Current student of the Ai of Phoenix, Arizona and the school is pretty damn good in my opinion. The school itself isn't the greatest but the opportunities you are able to experience and achieve are endless. It's what you make of it, not the name or location of the school you go to.
"You are not special. You are not a beautiful or unique snowflake. You are the same decaying organic matter as everything else." - Tyler Durden
I can only relate my experiences at the Dallas campus. I'm glad the others worked out for you, but I'm jaded against Ai. I think they 've ripped off a lot of talented people. I would have rather spent my time and money at a traditional college.
I just think that there wasn't enough guidance in the program. Had I known that the majority of my education there was simply 3D max tutorials and figure drawing, I would have saved my tuition and just bought a computer and software, and taken drawing classes at community college or the local art group.
Of course, I'm sure the different cities have different things to offer, but I have nothing but ill to report for the one in Dallas. If anyone had a good experience there, please let me know - I've yet to meet anyone who will endorse it.
Last edited by Lekku; June 21st, 2004 at 10:32 PM.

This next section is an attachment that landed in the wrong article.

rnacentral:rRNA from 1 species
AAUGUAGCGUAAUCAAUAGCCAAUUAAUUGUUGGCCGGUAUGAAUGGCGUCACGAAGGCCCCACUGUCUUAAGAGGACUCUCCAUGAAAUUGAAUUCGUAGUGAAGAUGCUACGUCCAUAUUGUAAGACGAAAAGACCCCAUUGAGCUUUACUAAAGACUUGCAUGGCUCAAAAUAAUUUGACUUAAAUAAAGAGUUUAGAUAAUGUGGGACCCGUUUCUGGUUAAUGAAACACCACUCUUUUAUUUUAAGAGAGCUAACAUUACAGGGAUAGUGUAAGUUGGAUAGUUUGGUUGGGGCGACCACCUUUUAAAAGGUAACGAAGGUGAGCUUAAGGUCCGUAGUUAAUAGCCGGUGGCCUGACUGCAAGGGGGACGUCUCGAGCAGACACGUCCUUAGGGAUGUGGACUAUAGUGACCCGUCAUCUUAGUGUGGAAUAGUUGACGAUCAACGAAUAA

First of all, you don't need a degree to be an artist, 3D or otherwise. You need talent and you need to hone that talent. This takes time. Lots of time. You need to practice, practice, practice. Always expect more out of yourself than everyone else does. You are your own task master. They don't have a vested interest in your success or failure, but you do. You should constantly be challenging yourself. It should never be easy. You should never find yourself with free time. If all you do is what is asked of you, you will never improve or grow. The really talented people spend all their time on this stuff. It is their life. And they never stop practicing or learning. Your education doesn't end when you are handed a diploma, it has only just begun. If AI Dallas steered you wrong, steer yourself back in the right direction. This may mean more school, or it may mean trudging along on your own. If you want it bad enough, you will make it happen.